Anna Bonny — an introduction

If you had asked me when I was a child: “What would you like to be?”, I might have spoken of ballerinas or astronauts or, as I got older, doctors or lawyer but I doubt I would ever have mentioned pirates. Pirates, I thought, were the domain of wild boys, who knew, that as a woman I would come to identify with that rogue imagery, that lust for life, that devil may care attitude and yes, even the eye patches but we’ll get to those shortly.

The irony is not lost on me that my new found piracy was born, not of wild adventures but from pain and loss, though wild adventures came along with the territory. My name is Noelia and you may think of me as a pirate.

Noelia is my name and Anna Bonny is my muse. For those of you unfamiliar with her, she was one of the few female pirates of legend, by all accounts, a wild, adventurous, beautiful and brave woman who lived her life entirely on her own terms, all that and a total bad ass.

So what brought pirates into my life? Like far too many women I ended up on the wrong side of a statistic. In 2014 I was diagnosed with early stage breast cancer, initially I had a lumpectomy, followed a week later by a radical mastectomy. In many ways, I was fortunate, surrounded by loved ones and no follow up with chemo or radia­tion but again, no loss of irony in viewing my new one breasted body as fortunate. That’s when the adventures began.

I actually found the decision not to reconstruct an easy one, easier than it ought to have been given the immense pressure from the medical world and society at large that to build a false breast (or two) in place of your lost one(s) is the only solution. I pass no judgment on anyone, each woman must decide for herself though I fervently hope that each decision is made not under pressure but in fully informed consent and the realization that there are alternatives. Suffice to say I decided to embrace my new reality but once I had decided to reject further surgery, I found myself in strange new territory.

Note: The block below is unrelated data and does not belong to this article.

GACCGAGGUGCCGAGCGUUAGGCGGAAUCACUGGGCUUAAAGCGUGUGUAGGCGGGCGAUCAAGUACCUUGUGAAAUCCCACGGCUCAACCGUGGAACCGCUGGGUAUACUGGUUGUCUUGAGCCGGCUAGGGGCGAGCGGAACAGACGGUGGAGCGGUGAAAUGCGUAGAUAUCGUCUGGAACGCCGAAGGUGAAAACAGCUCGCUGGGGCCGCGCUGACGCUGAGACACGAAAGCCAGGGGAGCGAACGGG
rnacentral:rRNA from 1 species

Yes, there is a flat and fabulous movement, #nolessawoman hashtags, beauty in scars but this scar left me lingering in front of the mirror not in joy, nor yet despair but in a new curious place, wondering how to find my way back to the woman, who loved being naked, who enjoyed sex, who revelled in a body that was loved by my partner, had given birth to my son.

One sided, there is no equality anymore, symmetry a thing of the past, so what remains?

How do I feel sexy again, is a question that looms large for breast cancer survivors, I used to love lingerie but when it no longer served the same purpose, I had to rethink what it meant to me, explore a new kind of sexiness knowing I had not lost my taste for fun, flirtation or adornment as many, many women do post mastectomy.

Enter Anna Bonny.

My first AB was a pimped up or rather simplified La Perla bra.

Dismantled so that only one side remained, slung across my scar like a pirates eye patch, it was an homage to all that had been survived and to my absolute determination that it would rob me of nothing more. To my delight Matthias my partner loved it, my little boy Leon was thrilled by it and just like that I found my pirate self.

Why only a patch? Why not fill the empty side of a beautiful bra as indeed I have done on many occasions, though nowhere in the post surgical guides is the advice on how to keep your falsie from escaping. Aside from the misty eyed sympathy and furtive glance, there is a whole other category of look, the one that says -what is that weird silicone lump poking out under your armpit? The falsie fumble ought to be a patented move. There is a deserved and much need place for traditional mastectomy bras, but that is not what Anna Bonny is for.

It is a patch because I can not and will not deny the damage, the missing part, but I can embrace it, even celebrate it, when I put on the patch, it’s my nod and my wink that says, ahoy there sexy woman, a feeling I thought I might have lost forever.

Eye patches are used as a trope in drama and fiction to signify powerful rebels, usually seductive, if at times a little wicked, characters who took their disfigurement and flaunted it with style. For me, as I began to play with the idea of wearing a breast patch when otherwise naked or peeking out from the neckline of a pretty dress, I found my wild adventure in learning to love my body again, a fascinating part of the wholeness of living with only one breast. After several dozen prototypes and the precious help and support of talented friends I am happy to introduce our designs. Made from the finest British silk because nothing beats silk’s healing properties on scars, organic cotton because not doing so would be irresponsible and Mokuba straps used by top couture fashion houses because ABs are made to look gorgeous and last. Indulgence should never be under estimated as a healing property.

Each one crafted by hand in Barcelona by talented seamstresses that earn a de­cent living, it’s a breast patch that is as beautiful to wear as any bra I wore when I was only Noelia. Simple yet effective way to make something seductive and beautiful from what shouldn’t be.

There are many metaphors of cancer, battles and journeys are the most common but for me of course it must be seen as more of a voyage, set sail with me for these are unknown waters.

Noelia Morales, Anna Bonny